The following is a guest post by Anne Less, Knowledge Center Specialist for the U.S. Green Building Council. For more information about the UGBC’s Knowledge Center, as well as to search their catalog (available on Library Thing), visit

In order to serve the ever-growing professional development needs of the green building community, over the past year, the USGBC Knowledge Exchange team has collected and cataloged over 400 free digital resources that relate to green building.  The USGBC Resource Catalog includes a wide variety of resources on green building topics, including energy efficiency, materials, affordable housing, best practices, business cases, etc.  This collection, which is limited to free, educational, non-promotional resources, aims to inspire a commitment to lifelong learning and sustainable building practices and behaviors.

The USGBC Resource Catalog can be found at

Content suggestions are always welcome!  To recommend an item for the Resource Catalog, please email

April 2009 Site of the Month: The Sustainable Sites Initiative

The Sustainable Sites Initiative is an interdisciplinary effort by the American Society of Landscape Architects, the Lady Bird Johnson Wildflower Center and the United States Botanic Garden to create voluntary national guidelines and performance benchmarks for sustainable land design, construction and maintenance practices. The information on the site is meant to be applied to sites both with and without buildings, including, but not limited to:

  • Open spaces such as local, state and national parks, conservation easements and buffer zones and transportation rights-of-way.
  • Sites with buildings including industrial, retail and office parks, military complexes, airports, botanical gardens, streetscapes and plazas, residential and commercial developments and public and private campuses.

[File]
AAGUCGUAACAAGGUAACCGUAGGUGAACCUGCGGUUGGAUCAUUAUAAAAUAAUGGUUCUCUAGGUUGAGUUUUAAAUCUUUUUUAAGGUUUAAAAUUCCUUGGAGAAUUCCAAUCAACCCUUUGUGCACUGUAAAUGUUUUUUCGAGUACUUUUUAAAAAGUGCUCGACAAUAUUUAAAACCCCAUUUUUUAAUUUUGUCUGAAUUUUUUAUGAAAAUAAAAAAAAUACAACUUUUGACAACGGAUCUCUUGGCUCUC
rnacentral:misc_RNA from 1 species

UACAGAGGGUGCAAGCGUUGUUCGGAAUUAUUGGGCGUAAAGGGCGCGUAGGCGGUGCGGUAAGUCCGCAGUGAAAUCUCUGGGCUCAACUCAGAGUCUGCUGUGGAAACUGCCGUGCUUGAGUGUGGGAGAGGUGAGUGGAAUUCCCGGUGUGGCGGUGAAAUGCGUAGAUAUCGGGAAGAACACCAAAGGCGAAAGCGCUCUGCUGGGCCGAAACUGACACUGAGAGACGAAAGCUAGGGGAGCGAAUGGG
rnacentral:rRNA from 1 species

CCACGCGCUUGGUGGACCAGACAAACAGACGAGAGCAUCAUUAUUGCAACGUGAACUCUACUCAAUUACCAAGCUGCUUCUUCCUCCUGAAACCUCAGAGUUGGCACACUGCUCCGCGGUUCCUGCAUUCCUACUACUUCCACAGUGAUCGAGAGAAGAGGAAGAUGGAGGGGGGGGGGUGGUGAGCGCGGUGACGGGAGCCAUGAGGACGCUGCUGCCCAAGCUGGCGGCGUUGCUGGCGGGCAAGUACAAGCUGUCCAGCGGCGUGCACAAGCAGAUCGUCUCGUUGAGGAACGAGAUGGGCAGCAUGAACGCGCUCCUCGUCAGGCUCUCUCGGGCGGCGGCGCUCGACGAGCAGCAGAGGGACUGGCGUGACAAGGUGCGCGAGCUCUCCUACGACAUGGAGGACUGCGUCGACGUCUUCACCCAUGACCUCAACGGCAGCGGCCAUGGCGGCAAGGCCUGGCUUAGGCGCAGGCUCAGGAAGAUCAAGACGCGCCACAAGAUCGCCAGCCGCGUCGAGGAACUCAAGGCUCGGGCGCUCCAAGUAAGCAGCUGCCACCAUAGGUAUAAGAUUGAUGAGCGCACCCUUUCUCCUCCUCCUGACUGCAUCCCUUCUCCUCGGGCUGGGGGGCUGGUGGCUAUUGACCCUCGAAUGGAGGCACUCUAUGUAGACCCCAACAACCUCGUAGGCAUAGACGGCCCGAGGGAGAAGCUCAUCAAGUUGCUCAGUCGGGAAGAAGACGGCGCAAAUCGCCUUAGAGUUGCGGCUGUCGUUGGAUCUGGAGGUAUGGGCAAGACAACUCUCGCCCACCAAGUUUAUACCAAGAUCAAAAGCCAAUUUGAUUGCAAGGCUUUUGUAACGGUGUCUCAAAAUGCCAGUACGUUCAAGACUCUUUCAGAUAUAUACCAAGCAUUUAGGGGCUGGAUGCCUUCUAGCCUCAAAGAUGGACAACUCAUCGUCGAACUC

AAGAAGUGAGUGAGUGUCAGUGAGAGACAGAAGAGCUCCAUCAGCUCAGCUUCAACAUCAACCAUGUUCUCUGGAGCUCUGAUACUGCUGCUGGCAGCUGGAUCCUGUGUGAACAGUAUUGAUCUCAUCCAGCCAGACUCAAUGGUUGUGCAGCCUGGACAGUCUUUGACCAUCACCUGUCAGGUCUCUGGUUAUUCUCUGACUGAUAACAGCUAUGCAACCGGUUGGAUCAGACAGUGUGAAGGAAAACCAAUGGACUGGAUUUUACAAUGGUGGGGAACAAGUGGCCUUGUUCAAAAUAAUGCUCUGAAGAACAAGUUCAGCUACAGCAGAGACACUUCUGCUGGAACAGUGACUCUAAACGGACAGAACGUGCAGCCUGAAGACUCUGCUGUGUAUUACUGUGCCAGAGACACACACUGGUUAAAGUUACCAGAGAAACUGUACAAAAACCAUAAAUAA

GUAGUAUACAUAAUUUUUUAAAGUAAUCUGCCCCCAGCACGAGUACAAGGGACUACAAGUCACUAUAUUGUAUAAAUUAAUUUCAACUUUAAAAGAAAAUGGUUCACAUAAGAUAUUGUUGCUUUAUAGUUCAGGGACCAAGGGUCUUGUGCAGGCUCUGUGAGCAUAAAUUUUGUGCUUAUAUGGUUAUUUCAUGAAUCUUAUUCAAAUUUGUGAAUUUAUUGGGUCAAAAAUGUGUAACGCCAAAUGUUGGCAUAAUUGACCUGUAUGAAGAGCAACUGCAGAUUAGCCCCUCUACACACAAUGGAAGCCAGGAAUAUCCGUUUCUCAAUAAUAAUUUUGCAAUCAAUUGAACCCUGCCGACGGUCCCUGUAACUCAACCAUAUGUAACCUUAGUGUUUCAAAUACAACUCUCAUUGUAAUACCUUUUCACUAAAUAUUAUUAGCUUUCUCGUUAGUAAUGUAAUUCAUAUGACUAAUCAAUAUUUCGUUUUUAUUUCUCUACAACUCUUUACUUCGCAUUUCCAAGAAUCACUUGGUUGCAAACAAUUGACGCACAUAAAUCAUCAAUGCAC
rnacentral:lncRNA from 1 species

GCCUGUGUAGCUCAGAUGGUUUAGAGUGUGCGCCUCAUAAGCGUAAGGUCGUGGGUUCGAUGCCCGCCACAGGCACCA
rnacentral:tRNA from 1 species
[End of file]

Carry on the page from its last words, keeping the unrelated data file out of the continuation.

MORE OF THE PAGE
The Initiative site provides a copy of the report Sustainable Sites Initiative Guidelines and Performance Benchmarks – Draft 2008, which focuses on measuring how a site can protect, restore and regenerate ecosystem services – benefits provided by natural ecosystems such as cleaning air and water, climate regulation and human health benefits. This report contains over 50 draft prerequisites and credits that cover all stages of the site development process from site selection to landscape maintenance.

Case studies, dates for upcoming presentations on sustainable sites, and information on the Initiative’s areas of focus (Why Sustainable Sites?; Hydrology; Soils; Vegetation; Materials; and Human Health & Well-being) are also provided.

2008 Schaeffer Environmental Award Recognizes Marilyn Jones

[Post author: Wayne Duke]

Printing Industries of America is pleased to announce that Marilyn Jones, President and Owner of Consolidated Printing Company in Chicago, Illinois, is the recipient of the 2008 William D. Schaeffer Environmental Award. Established in 1990 and named for environmental pioneer and researcher Dr. William Schaeffer (1922-2003), the Schaeffer Award honors an individual who has made significant contributions towards environmentally sound practices in the printing industry. Dr. Schaeffer was widely known and respected for his ongoing environmental advocacy and leadership for the graphic communications industry.

Since the company’s beginning in 1973, Ms. Jones has taken steps to ensure that Consolidated Printing maintains its profitability while complying with local, state, and federal statutes and regulations; protecting employee health and well being; and operating as a good citizen of the community. The company mission is “to provide high quality printing services with a zero impact on the environment.”